In the past decade or so, the study of the history of the United States in the world has undergone radical, perhaps unprecedented transformations. The broad shifts in the scope and nature of the field reflect a sea change in how a new generation of historians who study U.S. interactions with the wider world sees their field, and how the discipline of history as a whole views it.

      The most immediate piece of evidence for this assertion is the chapter title at the top of this page. In the previous edition of this volume, published in 1997, the closing chapter,...

    • 10 The “Cultural Turn”
      (pp. 221-241)

      Cultural historians of the United States find themselves in an unusual position. On the one hand, they are part of a uniquely popular, exciting, and encompassing field of historical inquiry. On the other hand, the remarkable growth of the field in the twenty-first century has rendered it less distinctive than in its incarnation in the 1980s and 1990s as the up-and-coming “new cultural history”. Cultural history has triumphed; it is everywhere in the historiography of the United States. Between 1990 and 2005 the number of historians claiming this label doubled, and, by the latter date, nearly 60 percent of American...

    • 11 American Religion
      (pp. 242-260)

      That more historians now identify themselves as historians of religion than as social historians, cultural historians, or even political historians qualifies as an unanticipated episode in the sociology of the discipline. The number of historians in the past eighteen years willing to type “religion” next to their name when queried by the American Historical Association has doubled. Forty percent of these historians work in North American history.

      Just skimming the titles pouring out from the best university and trade presses, let alone reading the acknowledgments, or even, dare I say, the occasional book, exhilarates those toiling in the religious history...

    • 12 Frontiers, Borderlands, Wests
      (pp. 261-284)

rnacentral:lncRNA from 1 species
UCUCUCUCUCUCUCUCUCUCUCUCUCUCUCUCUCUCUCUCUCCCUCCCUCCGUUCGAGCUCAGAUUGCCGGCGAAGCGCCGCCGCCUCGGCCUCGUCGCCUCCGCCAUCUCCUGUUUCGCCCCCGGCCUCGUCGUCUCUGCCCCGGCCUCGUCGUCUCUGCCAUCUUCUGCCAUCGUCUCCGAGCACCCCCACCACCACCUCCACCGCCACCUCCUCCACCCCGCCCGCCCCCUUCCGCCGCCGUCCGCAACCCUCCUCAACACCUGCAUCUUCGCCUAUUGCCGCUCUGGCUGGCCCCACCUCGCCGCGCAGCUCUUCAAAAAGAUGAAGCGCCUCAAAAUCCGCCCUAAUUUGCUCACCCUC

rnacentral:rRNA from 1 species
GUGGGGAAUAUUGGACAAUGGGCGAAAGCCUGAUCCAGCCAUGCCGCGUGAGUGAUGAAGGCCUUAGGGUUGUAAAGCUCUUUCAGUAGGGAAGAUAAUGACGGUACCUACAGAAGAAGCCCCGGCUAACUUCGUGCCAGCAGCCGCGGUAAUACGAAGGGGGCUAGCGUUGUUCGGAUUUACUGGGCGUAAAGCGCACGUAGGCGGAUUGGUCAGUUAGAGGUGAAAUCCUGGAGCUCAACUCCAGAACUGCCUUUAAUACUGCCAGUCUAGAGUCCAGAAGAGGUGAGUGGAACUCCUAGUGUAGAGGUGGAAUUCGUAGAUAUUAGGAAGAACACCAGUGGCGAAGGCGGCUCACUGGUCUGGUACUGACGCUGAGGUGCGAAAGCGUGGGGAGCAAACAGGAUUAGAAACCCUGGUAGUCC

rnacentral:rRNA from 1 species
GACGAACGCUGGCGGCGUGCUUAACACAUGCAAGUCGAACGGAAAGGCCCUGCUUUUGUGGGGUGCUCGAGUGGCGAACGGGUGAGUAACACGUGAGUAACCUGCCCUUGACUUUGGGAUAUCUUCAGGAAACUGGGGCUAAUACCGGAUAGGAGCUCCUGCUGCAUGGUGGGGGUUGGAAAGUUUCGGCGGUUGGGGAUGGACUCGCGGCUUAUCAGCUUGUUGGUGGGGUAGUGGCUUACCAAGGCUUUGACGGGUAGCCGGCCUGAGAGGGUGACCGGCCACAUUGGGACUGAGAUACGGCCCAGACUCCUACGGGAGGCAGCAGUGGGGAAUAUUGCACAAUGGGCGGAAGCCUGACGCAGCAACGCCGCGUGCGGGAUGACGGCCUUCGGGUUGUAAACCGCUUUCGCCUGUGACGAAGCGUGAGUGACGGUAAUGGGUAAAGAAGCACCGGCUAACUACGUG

“Americans have never had much use for histories,” quipped historian Richard White, “but we do like anniversaries.” For confirmation of White’s aphorism, we need look no further than the hoopla surrounding the bicentennial of the Lewis and Clark expedition in 2004–2006. Commemorations included museum exhibitions, television documentaries, an Imax film, plays, musicals, and even an opera. Consumers could choose from an array of Lewis and Clark products, including Corps of Discovery cards and coins, “authentic” foods, puzzles, games, and action figures. The “LewisNClark” company marketed an array of gadgets for travelers. Scores of books appeared. There were Lewis and...

    • 13 Environmental History
      (pp. 285-313)

      Environmental history is a relatively new field, little older than a generation. In a very short period it has grown enormously and earned a respectable institutional foothold. Yet environmental historians have always struggled to acknowledge the field’s obvious alliance with contemporary, even activist, concerns while maintaining the appropriate scholarly distance. No development appears more critical to understanding humanity’s global prospects than environmental change, but environmental history is not necessarily concerned with charting the mistakes of the past or offering clear lessons for the future. Though the point is often made, it bears repeating: environmental history is not environmentalist history. Nor...

    • 14 History of American Capitalism
      (pp. 314-335)